Another "softer" skills set that is becoming more important is communication. "The relationships you need to have as a waste manager are more complicated than they used to be," says Claire Poole, education and training manager at the Chartered Institution of Wastes Management (CIWM). "There is a huge emphasis on communications with stakeholder engagement and these are skills we could become better at," she adds.

The CIWM offers a variety of training for individuals and companies from top to bottom and accredits some university waste-related degrees. Those in the industry should aim for professional membership of the CIWM. It has varying tiers of membership with candidates ultimately working towards becoming a chartered waste manager. Membership indicates not just levels of knowledge but also experience and is peer reviewed.

Those that do well in waste are people who are willing to constantly be striving forward. "It's not just about gaining a qualification or training, it's about whatever level you're at, continuing to keep up-to-date and developing your skills," says Poole.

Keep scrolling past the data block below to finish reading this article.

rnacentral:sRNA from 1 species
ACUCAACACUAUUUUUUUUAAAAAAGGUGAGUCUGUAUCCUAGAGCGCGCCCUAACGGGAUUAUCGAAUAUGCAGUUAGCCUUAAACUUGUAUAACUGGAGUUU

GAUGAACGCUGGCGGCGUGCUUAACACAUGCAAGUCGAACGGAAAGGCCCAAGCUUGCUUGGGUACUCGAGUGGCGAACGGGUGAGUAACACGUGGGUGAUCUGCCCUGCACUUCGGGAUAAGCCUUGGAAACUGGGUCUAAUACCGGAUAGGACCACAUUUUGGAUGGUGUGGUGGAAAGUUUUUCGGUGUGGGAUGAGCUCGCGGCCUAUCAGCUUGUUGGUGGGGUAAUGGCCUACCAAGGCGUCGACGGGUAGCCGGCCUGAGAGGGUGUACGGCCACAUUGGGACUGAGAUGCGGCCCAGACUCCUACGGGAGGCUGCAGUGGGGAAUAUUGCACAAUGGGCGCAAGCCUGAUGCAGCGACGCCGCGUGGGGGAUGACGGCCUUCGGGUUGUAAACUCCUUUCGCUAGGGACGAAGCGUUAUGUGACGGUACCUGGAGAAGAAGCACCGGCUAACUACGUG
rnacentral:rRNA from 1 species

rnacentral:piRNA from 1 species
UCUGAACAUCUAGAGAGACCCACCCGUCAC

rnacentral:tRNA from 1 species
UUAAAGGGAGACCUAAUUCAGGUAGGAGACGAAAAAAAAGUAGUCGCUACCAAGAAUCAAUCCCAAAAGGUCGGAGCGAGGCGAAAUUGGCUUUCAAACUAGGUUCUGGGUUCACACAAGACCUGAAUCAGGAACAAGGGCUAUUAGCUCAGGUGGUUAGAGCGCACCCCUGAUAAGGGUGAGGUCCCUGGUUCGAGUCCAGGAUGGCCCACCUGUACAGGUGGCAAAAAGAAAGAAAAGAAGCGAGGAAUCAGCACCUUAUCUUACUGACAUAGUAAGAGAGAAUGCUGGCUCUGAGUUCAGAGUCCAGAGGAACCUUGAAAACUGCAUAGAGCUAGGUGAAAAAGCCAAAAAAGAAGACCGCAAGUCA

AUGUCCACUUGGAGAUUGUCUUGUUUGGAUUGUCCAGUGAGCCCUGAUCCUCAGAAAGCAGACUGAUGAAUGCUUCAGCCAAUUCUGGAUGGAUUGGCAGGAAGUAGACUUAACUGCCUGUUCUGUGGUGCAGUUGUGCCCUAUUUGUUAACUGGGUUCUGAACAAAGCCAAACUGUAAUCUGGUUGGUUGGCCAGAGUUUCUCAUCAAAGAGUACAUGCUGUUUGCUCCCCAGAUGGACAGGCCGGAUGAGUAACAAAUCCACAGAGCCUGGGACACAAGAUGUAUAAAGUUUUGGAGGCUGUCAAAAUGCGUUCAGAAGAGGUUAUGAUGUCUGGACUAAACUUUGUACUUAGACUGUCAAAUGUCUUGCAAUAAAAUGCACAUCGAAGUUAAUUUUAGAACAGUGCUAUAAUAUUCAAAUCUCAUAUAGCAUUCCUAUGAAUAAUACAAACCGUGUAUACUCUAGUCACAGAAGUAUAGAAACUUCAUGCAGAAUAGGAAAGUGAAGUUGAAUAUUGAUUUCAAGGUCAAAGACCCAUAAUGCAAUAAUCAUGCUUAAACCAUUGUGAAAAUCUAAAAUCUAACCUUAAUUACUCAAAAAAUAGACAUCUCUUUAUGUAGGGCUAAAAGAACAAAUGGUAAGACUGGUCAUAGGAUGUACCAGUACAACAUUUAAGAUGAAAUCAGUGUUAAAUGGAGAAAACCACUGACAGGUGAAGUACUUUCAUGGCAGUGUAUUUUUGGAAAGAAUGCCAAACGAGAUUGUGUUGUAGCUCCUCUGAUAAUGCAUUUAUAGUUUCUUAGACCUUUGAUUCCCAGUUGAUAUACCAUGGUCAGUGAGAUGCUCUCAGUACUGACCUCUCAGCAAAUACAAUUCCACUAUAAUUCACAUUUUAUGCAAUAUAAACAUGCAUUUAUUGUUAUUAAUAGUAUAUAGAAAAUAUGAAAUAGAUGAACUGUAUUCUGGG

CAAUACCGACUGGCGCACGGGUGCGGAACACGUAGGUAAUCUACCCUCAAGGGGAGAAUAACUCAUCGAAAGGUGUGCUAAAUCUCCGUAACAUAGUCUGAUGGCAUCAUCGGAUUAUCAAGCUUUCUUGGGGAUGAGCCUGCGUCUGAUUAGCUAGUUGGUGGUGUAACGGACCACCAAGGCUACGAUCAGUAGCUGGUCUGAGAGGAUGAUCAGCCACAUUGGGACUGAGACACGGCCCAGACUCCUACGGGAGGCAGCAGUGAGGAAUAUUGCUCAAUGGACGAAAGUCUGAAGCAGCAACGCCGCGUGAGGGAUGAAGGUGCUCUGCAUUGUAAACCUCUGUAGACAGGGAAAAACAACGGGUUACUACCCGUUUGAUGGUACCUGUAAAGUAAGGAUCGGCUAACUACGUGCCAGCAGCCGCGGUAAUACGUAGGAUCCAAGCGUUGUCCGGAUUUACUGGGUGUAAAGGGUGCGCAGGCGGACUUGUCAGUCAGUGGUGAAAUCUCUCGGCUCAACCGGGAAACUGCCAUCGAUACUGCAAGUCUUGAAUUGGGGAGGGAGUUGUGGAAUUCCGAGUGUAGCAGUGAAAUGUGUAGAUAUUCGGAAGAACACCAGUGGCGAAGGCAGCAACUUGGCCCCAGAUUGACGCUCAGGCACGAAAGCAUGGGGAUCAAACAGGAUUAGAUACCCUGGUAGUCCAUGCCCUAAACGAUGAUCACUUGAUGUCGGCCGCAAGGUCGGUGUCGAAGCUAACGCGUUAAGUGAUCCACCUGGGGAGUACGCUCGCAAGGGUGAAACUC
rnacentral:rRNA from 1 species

In return the industry is an often socially conscious as well as technologically advancing place to work that offers real career progression plus the potential for a job for life. Hopefully this should allow it to attract the most dedicated, motivated as well as highly skilled individuals in the current and future labour market - without the anguish of an Alan Sugar style knock-out competition.

Katie Coyne is a freelance journalist